A passionate little blog started by a deerhound dog in Scotland called Rogue ‘Brylach’ MacAllister and Passed to Rascal ‘Logan’ Dorrator Heath

Tuesday, July 31, 2007

Roddy Doyle’s Rover

With the book thing being the lazy hound way to blog, I thought I’d just throw this little book jacket illustration up because I like it.

The hound of Roddy Doyle’s, Giggler Treatment tale may not be a deerhound, nor a wolfhound, but there are definite celtic influences going into this little illustration, as well as the story.

A shaggy coated grey hound and a gaggle of the blue fairy folk . . . hmm . . . I wonder?

Right now, I’m ploddin’ about in the highlands and believe it or not it’s sunny. Camera in paw, I will bring you some new movie adventures soon.

Anyone interested in a deerhound day out this Sunday, 5th of August, The Scottish Pedigree Whippet Racing Club Fun Day will be taking place at Ochtertyre Road, near Stirling, Scotland. As usual you’ll find we deerhounds at the chase, so if you are a deerhound, why not come along and join the rest of us?

Thanks to Sid and all oor pals at Lyart for reminding us of this event. We’ll be there.

Wednesday, July 25, 2007

Men & Beasts

This book has been published for quite some time now but is well worth a nod in the direction of. Especially if you are a deerhound, deerhound fan, or simply interested in the Men & Beasts of lowland Scotland.

First allow me to reproduce the cover copy as an insight into this wonderful little publication . . .

Come and meet some wild men and tame beasts. Explore the fleeting moment and capture the passing of time in these portrait studies which document a year's journey. Travel across Scotland with poet Valerie Gillies and photographer Rebecca Marr: share their passion for a land where wild men can sometimes be tamed and tame beasts can get really wild.

Among the wild men they find are a gunner in Edinburgh Castle, a Highland shepherd, a ferryman on the River Almond, an eel fisher on Loch Ness, a Borders fencer, and a beekeeper on a Lowland estate.
The beasts portrayed in their own settings include Clydesdale foals, Scottish deerhounds, Highland cattle, blackface sheep, falcons, lurchers, bees, pigs, cashmere goats, hens, cockerels, tame swans and transgenic lambs.

Photograph, poem and reportage - a unique take on Scotland today.

I have included here, a couple of the atmospheric photographs from Men & Beasts, featuring Hounds from Hilda Robertsons’ Tartraven kennel, one hound being the Dam to ‘Tynum’ a family deerhound who once resided at my home back in the time of legend.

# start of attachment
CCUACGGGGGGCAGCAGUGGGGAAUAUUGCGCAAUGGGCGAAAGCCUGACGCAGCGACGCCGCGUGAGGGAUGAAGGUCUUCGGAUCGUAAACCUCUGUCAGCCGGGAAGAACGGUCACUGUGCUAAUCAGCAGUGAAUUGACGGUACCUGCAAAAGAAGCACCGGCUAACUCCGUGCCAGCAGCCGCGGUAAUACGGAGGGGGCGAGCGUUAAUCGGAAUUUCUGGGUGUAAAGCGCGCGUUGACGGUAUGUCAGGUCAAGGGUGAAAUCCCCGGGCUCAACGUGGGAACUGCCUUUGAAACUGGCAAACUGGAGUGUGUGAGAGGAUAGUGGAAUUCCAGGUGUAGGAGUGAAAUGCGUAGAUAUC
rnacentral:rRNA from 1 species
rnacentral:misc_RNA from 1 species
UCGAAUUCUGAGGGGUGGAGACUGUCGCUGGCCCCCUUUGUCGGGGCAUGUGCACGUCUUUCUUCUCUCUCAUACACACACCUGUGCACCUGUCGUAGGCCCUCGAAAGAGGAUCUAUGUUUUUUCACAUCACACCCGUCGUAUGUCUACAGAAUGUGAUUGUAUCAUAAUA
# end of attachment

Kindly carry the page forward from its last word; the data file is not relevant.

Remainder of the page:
The book has some interesting ‘Celtic/Scot/Pict’ deerhound histories and references that are culled from archaelogical excavations, Gaelic folklore, literature and poetic verse.

The mention of the hound statue dating from 3rd Century AD, discovered at the shrine to Celtic healing-god Nodens sounds interesting (even though the Irish Wolfhounds claim it to be theirs). It’s more evidence carrying our hound ‘types’ existence, back through time and along the parallel history timeline to that of man.

Talking of ancient time-lines, we know that the art of Poetry may infact be the oldest form of literature (I’m sure Gilgamesh in his adventures from the 3rd millennium BC probably even had his own hound companions) and with that Valerie Gillies both captures the culture specific and contemporary deerhounds in her works here. If you are interested in this printed works or other independent Scottish publishings, visit the Luath Press and rumage around and tell them Rogue the deerhound sent you.

And for your pleasure enjoy one of Valeries poems below

The Spectral Hunter

Two ornathologists survey
the rocks and the trees,
looking down into the valley,
counting species.

A man walking up the Kirkton glen
with an early-morning stride
is seen by both of them
vlearly on the hillside.

He has two deerhounds,
leggy, rockhard
tall dogs that bound
and are wire-scarred.

Two hounds of the crags
and a wind-wraith
rousing the stags
in Corrie Chaoraich.

Dogs without collars,
the gifts of two mountains,
one given by Meall Reamhat,
one by Meall an Fhiohdian.

He sets his own pace,
headlong streams and rain,
the valley graced
by the hunter again.

Tuesday, July 24, 2007

Deerhound Carte-Postale

Monday, July 23, 2007

Deerhound to hearhound?